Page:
AMC Charters

Having viewed the database that is updated by the federal government daily with hundreds or thousands of new contracts up for bid, I have noticed many contracts available that, for example, request something similar: “50,000 pounds of freight transported aboard heavy aircraft between Honolulu Airport and Kadena Airbase each Thursday.” It would specify a service period that might last one year, beginning in a few months.

I realize that that is one way in which the federal government charters heavy aircraft. However, my question is, do they also charter aircraft for short-term, spur of the moment flights? Is that how most of the AMC charters are determined? For instance, does the Transportation Command of the U.S. Air Force simply contact an airline which it suspects might have available aircraft for charter, and request a charter?

Yes, among Omni, North American, Miami Air, and Ryan there is almost always the right aircraft available.

Nothing is really all that simple when in comes to DOD. Of course, they like to make it more complicated than it is, but…!

The AMC charters, cargo and passengers, are part of the DOD commercial airlift augmentation program. It is related to the CRAF (Civil Reserve Airlift Fleet) program where the commercial companies put up planes that DOD can call on if there is ever an emergency where it simply has to take over the routing of planes to meet national emergencies. We rarely get to point, but to get companies to commit planes to the program, DOD, through AMC, agrees to give committing carriers’ cargo or passengers during peacetime (when will that happen…but really, anything short of full mobilization) under various types of contracts.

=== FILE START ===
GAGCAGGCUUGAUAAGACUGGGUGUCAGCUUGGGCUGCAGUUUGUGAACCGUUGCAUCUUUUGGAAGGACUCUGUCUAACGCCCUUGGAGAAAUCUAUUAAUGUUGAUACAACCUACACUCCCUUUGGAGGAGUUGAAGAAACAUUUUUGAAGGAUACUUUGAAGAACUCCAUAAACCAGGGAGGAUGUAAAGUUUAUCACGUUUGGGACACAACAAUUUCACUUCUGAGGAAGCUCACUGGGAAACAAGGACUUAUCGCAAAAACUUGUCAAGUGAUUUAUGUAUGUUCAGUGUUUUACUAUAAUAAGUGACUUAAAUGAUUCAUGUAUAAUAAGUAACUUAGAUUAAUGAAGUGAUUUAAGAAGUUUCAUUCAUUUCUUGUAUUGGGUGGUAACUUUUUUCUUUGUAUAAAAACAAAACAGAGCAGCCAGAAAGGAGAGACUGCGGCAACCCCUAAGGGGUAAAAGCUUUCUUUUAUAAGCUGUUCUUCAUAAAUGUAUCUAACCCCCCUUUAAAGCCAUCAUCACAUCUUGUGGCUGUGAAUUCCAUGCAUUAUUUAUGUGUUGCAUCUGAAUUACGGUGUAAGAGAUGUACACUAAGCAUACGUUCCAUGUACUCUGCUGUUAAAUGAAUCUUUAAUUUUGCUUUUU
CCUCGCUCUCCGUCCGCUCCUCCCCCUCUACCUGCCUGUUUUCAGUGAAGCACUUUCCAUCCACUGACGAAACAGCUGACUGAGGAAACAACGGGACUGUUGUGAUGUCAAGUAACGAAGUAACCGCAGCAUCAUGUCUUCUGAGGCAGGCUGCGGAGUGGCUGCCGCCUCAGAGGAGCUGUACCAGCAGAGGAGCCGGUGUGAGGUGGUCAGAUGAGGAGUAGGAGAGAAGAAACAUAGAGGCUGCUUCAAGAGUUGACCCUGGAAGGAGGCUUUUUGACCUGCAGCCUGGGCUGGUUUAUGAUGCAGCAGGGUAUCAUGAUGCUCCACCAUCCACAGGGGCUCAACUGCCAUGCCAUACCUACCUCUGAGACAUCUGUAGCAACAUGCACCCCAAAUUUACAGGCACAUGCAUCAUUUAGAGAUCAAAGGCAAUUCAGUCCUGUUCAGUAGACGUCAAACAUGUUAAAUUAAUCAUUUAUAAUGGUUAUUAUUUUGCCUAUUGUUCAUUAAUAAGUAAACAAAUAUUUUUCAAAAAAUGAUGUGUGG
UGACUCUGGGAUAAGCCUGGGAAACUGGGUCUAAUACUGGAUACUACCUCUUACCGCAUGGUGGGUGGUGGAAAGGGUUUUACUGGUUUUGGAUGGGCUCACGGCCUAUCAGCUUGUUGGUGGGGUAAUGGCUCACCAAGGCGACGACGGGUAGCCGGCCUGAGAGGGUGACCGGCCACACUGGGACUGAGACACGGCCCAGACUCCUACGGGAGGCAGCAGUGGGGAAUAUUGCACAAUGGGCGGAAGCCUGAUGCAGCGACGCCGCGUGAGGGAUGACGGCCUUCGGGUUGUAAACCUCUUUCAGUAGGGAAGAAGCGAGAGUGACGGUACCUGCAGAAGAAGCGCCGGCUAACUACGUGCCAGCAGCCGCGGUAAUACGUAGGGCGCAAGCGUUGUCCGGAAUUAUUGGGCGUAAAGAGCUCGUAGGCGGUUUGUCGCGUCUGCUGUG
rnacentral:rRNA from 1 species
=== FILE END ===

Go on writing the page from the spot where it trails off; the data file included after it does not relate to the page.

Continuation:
Some companies thrive on these contracts; others really don’t want them (regular commercial service, they feel, is more profitable) but they all play along.

Typically, AMC will use the planes over “requirement” or “frequency” channels, sort of major, major routes, like out of Dover AFB to Germany. DOD knows pretty much how much lift and how often planes will be required on these channels months ahead of the actual flights.

There are other routes that are as-needed, some more as-needed than others. Then there are some routes where the move might be one-flight only. I think DOD refers to both these types of requirements as “enhanced” service, but I’m not quite clear on that.

How a particular company’s plane is selected varies somewhat. Of course, the plane must be of the size DOD is looking for. Beyond that, the actual choice might be made specifically by DOD, or it might be a company “nominated” or picked by a carrier “alliance.” These alliances are something of a recent invention and help DOD get around the ever-increasing backruptcy problems of the industry. has a “military” forum that sometimes discusses all this. Do a search under “CRAF” and you might find more or better information than I’ve provided.